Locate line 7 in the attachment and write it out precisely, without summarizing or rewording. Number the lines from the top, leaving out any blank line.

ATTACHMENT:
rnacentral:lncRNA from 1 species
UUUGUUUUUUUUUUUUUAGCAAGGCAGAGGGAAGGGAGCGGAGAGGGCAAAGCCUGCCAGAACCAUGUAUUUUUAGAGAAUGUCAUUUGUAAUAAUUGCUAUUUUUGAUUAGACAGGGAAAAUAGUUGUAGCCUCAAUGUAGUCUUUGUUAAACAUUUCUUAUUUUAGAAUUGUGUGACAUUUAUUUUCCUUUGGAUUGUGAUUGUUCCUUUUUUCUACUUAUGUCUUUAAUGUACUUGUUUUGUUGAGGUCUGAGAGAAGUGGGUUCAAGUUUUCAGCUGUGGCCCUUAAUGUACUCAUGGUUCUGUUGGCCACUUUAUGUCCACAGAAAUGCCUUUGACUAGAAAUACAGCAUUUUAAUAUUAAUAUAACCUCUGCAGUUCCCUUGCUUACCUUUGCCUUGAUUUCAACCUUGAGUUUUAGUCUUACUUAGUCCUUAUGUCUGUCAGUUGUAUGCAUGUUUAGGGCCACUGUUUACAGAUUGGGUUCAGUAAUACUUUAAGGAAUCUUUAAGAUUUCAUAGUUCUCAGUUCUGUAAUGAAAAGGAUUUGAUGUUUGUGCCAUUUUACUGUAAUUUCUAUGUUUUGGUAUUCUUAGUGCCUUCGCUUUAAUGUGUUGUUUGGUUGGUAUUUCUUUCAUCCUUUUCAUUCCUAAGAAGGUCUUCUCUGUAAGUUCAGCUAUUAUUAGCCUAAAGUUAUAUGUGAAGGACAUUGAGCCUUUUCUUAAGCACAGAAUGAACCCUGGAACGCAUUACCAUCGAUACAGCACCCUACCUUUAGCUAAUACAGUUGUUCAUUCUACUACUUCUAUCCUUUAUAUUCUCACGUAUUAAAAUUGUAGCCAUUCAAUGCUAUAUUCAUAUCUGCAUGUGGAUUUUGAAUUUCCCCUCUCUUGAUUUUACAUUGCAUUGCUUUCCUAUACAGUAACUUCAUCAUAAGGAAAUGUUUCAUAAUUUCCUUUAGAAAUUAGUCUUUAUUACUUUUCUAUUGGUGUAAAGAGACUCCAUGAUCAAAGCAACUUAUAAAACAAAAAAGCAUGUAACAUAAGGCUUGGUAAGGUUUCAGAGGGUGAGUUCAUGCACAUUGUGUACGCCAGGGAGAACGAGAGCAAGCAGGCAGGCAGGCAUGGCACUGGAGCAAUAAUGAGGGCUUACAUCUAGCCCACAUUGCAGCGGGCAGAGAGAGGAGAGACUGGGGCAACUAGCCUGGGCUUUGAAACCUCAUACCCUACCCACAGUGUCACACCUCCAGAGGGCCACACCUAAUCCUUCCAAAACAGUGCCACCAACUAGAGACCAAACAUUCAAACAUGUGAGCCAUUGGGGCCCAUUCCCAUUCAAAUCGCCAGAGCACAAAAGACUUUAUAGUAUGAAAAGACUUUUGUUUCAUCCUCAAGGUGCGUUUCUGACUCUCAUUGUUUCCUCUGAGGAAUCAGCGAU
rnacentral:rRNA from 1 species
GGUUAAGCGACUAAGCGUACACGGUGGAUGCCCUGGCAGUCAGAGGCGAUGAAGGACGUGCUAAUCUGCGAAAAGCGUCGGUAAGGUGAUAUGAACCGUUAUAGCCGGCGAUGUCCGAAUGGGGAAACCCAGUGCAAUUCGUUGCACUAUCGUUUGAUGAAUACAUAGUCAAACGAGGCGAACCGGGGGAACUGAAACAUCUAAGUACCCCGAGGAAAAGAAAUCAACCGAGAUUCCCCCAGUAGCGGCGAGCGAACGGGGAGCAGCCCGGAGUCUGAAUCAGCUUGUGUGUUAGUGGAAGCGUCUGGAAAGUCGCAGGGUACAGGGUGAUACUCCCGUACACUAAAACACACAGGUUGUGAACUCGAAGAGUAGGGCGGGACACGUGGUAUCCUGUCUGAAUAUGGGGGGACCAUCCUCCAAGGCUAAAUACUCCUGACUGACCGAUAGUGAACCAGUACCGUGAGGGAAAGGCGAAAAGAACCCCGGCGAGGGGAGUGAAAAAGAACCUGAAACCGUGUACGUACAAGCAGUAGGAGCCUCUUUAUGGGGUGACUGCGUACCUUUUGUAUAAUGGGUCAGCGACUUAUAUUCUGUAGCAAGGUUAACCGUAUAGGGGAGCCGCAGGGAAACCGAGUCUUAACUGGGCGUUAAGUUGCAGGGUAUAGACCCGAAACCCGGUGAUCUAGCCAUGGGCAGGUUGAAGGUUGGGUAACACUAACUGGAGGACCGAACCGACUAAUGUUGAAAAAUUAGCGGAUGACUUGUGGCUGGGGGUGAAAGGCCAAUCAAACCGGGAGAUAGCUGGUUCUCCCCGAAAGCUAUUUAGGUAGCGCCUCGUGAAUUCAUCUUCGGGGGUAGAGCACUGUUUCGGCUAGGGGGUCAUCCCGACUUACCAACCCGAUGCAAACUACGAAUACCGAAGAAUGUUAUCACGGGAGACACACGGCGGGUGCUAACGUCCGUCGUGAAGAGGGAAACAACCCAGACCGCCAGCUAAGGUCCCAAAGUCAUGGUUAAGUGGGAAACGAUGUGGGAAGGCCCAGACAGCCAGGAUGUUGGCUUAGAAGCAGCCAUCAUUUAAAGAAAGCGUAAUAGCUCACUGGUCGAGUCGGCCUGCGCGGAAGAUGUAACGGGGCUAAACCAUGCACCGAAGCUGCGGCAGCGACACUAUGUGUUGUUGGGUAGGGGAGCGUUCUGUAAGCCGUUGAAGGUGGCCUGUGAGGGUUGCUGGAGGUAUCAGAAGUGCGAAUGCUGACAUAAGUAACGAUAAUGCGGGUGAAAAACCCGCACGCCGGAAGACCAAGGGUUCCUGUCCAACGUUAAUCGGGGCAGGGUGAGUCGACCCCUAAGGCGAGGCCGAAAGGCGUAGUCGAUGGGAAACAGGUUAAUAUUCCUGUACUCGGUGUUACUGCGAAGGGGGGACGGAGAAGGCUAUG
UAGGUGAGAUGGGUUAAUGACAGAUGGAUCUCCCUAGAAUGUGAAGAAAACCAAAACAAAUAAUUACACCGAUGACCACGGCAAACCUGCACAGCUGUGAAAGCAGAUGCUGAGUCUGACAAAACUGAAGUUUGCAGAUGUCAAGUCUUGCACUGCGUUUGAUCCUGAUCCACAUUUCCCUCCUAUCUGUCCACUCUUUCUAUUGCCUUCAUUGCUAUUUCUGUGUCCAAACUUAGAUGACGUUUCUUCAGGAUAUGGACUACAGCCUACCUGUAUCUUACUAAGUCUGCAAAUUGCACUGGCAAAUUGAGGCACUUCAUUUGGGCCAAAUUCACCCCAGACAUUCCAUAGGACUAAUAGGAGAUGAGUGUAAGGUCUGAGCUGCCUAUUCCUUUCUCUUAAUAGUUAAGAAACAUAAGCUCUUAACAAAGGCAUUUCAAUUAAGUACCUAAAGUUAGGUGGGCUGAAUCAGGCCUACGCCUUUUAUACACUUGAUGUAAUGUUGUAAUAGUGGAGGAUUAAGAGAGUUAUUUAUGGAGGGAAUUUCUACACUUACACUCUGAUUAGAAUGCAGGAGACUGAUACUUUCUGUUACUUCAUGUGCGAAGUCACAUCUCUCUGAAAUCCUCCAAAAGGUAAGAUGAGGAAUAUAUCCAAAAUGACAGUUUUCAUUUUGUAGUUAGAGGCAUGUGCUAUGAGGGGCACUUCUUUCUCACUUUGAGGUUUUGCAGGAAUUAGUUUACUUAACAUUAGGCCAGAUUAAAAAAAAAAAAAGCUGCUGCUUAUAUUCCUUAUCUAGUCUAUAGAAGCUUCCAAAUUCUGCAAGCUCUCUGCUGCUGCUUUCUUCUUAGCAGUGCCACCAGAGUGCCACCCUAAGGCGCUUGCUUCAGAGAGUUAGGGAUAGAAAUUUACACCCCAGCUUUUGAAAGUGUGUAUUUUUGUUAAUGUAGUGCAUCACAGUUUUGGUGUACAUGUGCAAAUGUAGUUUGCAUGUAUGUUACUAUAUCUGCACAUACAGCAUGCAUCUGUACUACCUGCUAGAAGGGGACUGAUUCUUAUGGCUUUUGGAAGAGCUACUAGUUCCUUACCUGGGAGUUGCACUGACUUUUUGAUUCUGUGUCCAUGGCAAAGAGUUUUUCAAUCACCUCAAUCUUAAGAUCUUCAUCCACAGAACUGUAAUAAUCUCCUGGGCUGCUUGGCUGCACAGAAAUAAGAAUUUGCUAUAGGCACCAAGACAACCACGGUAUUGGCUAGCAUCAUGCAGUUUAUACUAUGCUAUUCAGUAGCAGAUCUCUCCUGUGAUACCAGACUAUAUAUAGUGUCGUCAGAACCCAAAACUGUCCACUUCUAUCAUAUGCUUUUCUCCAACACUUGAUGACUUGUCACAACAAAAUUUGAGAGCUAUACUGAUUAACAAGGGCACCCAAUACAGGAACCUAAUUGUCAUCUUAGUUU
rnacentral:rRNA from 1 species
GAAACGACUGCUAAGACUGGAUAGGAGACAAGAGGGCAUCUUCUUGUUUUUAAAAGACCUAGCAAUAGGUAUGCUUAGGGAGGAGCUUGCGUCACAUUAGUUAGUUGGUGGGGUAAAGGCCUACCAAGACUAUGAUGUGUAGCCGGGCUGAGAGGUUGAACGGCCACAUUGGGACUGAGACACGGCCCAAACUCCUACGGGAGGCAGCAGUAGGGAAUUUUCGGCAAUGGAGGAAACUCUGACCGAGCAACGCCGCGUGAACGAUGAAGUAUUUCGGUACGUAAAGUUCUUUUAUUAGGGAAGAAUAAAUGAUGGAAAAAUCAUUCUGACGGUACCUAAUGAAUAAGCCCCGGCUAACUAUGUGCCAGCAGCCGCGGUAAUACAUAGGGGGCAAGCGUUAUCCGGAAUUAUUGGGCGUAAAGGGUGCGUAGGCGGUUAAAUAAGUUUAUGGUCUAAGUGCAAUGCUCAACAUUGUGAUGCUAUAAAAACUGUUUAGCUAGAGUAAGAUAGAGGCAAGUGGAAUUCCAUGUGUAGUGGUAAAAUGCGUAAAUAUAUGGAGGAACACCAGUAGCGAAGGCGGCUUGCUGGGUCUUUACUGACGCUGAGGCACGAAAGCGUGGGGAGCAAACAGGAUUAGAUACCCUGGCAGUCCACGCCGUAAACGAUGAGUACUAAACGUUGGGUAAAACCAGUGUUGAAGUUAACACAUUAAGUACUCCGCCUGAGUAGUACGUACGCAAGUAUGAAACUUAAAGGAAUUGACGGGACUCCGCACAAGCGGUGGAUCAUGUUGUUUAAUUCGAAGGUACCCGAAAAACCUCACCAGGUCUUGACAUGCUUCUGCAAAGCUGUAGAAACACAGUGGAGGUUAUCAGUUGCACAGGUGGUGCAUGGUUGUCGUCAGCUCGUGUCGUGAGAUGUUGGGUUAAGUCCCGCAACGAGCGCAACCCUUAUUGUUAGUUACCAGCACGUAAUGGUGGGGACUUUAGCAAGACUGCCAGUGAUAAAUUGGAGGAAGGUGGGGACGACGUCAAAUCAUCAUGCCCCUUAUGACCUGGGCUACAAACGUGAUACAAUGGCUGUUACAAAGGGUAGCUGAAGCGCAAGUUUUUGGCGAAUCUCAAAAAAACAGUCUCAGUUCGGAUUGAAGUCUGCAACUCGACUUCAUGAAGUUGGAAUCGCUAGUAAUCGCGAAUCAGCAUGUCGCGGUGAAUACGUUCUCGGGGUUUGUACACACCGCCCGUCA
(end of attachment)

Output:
GAAACGACUGCUAAGACUGGAUAGGAGACAAGAGGGCAUCUUCUUGUUUUUAAAAGACCUAGCAAUAGGUAUGCUUAGGGAGGAGCUUGCGUCACAUUAGUUAGUUGGUGGGGUAAAGGCCUACCAAGACUAUGAUGUGUAGCCGGGCUGAGAGGUUGAACGGCCACAUUGGGACUGAGACACGGCCCAAACUCCUACGGGAGGCAGCAGUAGGGAAUUUUCGGCAAUGGAGGAAACUCUGACCGAGCAACGCCGCGUGAACGAUGAAGUAUUUCGGUACGUAAAGUUCUUUUAUUAGGGAAGAAUAAAUGAUGGAAAAAUCAUUCUGACGGUACCUAAUGAAUAAGCCCCGGCUAACUAUGUGCCAGCAGCCGCGGUAAUACAUAGGGGGCAAGCGUUAUCCGGAAUUAUUGGGCGUAAAGGGUGCGUAGGCGGUUAAAUAAGUUUAUGGUCUAAGUGCAAUGCUCAACAUUGUGAUGCUAUAAAAACUGUUUAGCUAGAGUAAGAUAGAGGCAAGUGGAAUUCCAUGUGUAGUGGUAAAAUGCGUAAAUAUAUGGAGGAACACCAGUAGCGAAGGCGGCUUGCUGGGUCUUUACUGACGCUGAGGCACGAAAGCGUGGGGAGCAAACAGGAUUAGAUACCCUGGCAGUCCACGCCGUAAACGAUGAGUACUAAACGUUGGGUAAAACCAGUGUUGAAGUUAACACAUUAAGUACUCCGCCUGAGUAGUACGUACGCAAGUAUGAAACUUAAAGGAAUUGACGGGACUCCGCACAAGCGGUGGAUCAUGUUGUUUAAUUCGAAGGUACCCGAAAAACCUCACCAGGUCUUGACAUGCUUCUGCAAAGCUGUAGAAACACAGUGGAGGUUAUCAGUUGCACAGGUGGUGCAUGGUUGUCGUCAGCUCGUGUCGUGAGAUGUUGGGUUAAGUCCCGCAACGAGCGCAACCCUUAUUGUUAGUUACCAGCACGUAAUGGUGGGGACUUUAGCAAGACUGCCAGUGAUAAAUUGGAGGAAGGUGGGGACGACGUCAAAUCAUCAUGCCCCUUAUGACCUGGGCUACAAACGUGAUACAAUGGCUGUUACAAAGGGUAGCUGAAGCGCAAGUUUUUGGCGAAUCUCAAAAAAACAGUCUCAGUUCGGAUUGAAGUCUGCAACUCGACUUCAUGAAGUUGGAAUCGCUAGUAAUCGCGAAUCAGCAUGUCGCGGUGAAUACGUUCUCGGGGUUUGUACACACCGCCCGUCA